and she testified at her hearing that she no longer grooms dogs, but only trains and supervises
hired dog groomers. R. at 78-79. Moreover, Plaintiff did not provide any other evidence that her
carpel tunnel syndrome limits her ability to work. See Torgerson v. Colvin, No. 12-3147-CV-SREL-SSA, 2013 WL 4543312, at *40 (W.D. Mo. Aug. 27, 2013) (finding ALJ did not err by
failing to assess physical limitations of a severe impairment because there was no evidence in the
record that the severe impairment caused any functional limitations). Plaintiff’s statement that
her condition improved with conservative treatment and that she no longer grooms dogs explains
why the ALJ did not find any specific limitations due to carpal tunnel syndrome. The Court
finds “to the extent that the ALJ did not include certain limitations, it is reasonable to believe that
the ALJ found Plaintiff was not limited in those functions.” Davis v. Colvin, No. 3:14-CV05075-MDH, 2015 WL 1964791, at *5 (W.D. Mo. May 1, 2015) (citing Depover v. Barnhart,
349 F.3d 563, 567 (8th Cir. 2003)).
The ALJ did not err in discounting Plaintiff’s subjective complaints.
Next, Plaintiff argues the ALJ erred in discounting her subjective complaints because the
ALJ mischaracterized the evidence.
Credibility questions are “primarily for the ALJ to decide, not the courts.” Baldwin v.
Barnhart, 349 F.3d 549, 558 (8th Cir. 2003). When the ALJ discounts a claimant’s credibility,
he must explain why he did so. Lowe v. Apfel, 226 F.3d 969, 971 (8th Cir. 2000). “If an ALJ
explicitly discredits the claimant’s testimony and gives good reasons for doing so, the Court
should defer to the ALJ’s credibility determination.” Gregg v. Barnhart, 354 F.3d 710, 713 (8th
With respect to the claimant’s subjective complaints, the ALJ must consider the Polaski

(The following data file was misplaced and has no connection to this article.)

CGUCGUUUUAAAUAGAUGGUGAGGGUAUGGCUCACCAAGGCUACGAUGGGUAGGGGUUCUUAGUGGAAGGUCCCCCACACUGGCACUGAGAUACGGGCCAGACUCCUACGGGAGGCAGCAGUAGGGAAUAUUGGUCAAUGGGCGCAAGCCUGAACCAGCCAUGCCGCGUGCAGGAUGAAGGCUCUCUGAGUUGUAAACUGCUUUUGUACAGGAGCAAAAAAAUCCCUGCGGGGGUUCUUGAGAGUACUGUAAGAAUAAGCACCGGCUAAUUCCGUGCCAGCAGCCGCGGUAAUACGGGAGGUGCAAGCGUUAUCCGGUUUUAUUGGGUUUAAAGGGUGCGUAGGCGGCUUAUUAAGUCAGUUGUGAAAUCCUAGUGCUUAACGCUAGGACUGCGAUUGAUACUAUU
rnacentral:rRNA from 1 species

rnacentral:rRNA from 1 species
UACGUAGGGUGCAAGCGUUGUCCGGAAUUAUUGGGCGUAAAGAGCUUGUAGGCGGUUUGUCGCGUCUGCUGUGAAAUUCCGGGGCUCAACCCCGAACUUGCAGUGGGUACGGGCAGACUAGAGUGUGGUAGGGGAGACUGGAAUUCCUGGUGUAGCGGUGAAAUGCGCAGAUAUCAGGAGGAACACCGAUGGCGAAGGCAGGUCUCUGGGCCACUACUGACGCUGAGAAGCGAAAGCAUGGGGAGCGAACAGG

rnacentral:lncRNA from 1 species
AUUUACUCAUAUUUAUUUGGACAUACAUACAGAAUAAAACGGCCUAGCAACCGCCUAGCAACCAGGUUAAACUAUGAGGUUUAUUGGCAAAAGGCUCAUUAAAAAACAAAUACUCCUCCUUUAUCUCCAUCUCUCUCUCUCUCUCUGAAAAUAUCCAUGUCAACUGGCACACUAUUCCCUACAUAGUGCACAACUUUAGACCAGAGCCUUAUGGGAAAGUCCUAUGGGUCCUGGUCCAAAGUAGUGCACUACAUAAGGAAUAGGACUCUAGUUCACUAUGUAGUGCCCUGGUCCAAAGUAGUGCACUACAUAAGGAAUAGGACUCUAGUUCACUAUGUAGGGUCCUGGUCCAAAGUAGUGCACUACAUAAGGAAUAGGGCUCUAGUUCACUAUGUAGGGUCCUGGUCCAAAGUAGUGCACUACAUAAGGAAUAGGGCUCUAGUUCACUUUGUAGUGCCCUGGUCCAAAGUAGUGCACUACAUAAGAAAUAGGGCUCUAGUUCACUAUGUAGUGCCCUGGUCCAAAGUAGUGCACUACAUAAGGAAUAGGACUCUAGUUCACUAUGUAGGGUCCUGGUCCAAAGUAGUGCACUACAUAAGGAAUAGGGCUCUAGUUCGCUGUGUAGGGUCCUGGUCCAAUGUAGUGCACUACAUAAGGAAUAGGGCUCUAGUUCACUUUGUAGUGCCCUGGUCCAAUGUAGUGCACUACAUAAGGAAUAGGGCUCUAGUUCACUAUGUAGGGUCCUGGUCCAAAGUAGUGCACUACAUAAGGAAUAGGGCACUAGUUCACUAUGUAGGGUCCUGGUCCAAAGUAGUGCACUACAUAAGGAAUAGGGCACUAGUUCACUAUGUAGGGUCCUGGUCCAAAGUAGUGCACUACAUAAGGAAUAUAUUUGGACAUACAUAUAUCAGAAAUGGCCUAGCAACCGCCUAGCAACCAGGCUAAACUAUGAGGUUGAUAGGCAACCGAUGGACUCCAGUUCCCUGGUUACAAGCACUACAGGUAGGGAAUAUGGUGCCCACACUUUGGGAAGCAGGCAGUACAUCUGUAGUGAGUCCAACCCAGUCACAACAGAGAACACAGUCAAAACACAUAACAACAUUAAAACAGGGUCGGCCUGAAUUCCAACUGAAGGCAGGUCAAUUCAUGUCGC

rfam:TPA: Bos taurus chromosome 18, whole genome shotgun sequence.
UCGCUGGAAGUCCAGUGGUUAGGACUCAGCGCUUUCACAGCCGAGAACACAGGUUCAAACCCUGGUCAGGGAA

factors: claimant’s daily activities; the duration, frequency, and intensity of pain; the dosage,
effectiveness and side effects of medication; any precipitating and aggravating factors; any
functional restrictions; the claimant’s work history; and the absence of objective medical
evidence to support the claimant’s complaints. Polaski v. Heckler, 739 F.2d 1320, 1322 (8th Cir.
1984). The ALJ need not discuss every Polaski factor. See Buckner, 646 F.3d at 558.
Plaintiff argues the ALJ erred by discounting her credibility based on any one of the
Polaski factors. The ALJ discounted Plaintiff’s subjective complaints citing that her part-time
work at Walmart and at her dog grooming business, her activities of daily living, and her medical
diagnostic reports and treatment, are inconsistent with her complaints of disabling pain. R. at 16.
In reviewing the ALJ’s opinion, the ALJ did not discount the effects of Plaintiff’s symptoms
based on one Polaski factor, rather, the ALJ considered several Polaski factors and concluded
based on the totality of those factors, the intensity, persistence, and limiting effects of Plaintiff’s
symptoms were not as disabling as she alleged. Thus, the ALJ did not err.
For the reasons discussed above, the Commissioner’s decision is AFFIRMED.
IT IS SO ORDERED.
December 8, 2017
/s/ Greg Kays
GREG KAYS, CHIEF JUDGE
UNITED STATES DISTRICT COURT
Disclaimer: Justia Dockets & Filings provides public litigation records from the federal appellate and district courts. These filings and docket sheets should not be considered findings of fact or liability, nor do they necessarily reflect the view of Justia.
Why Is My Information Online?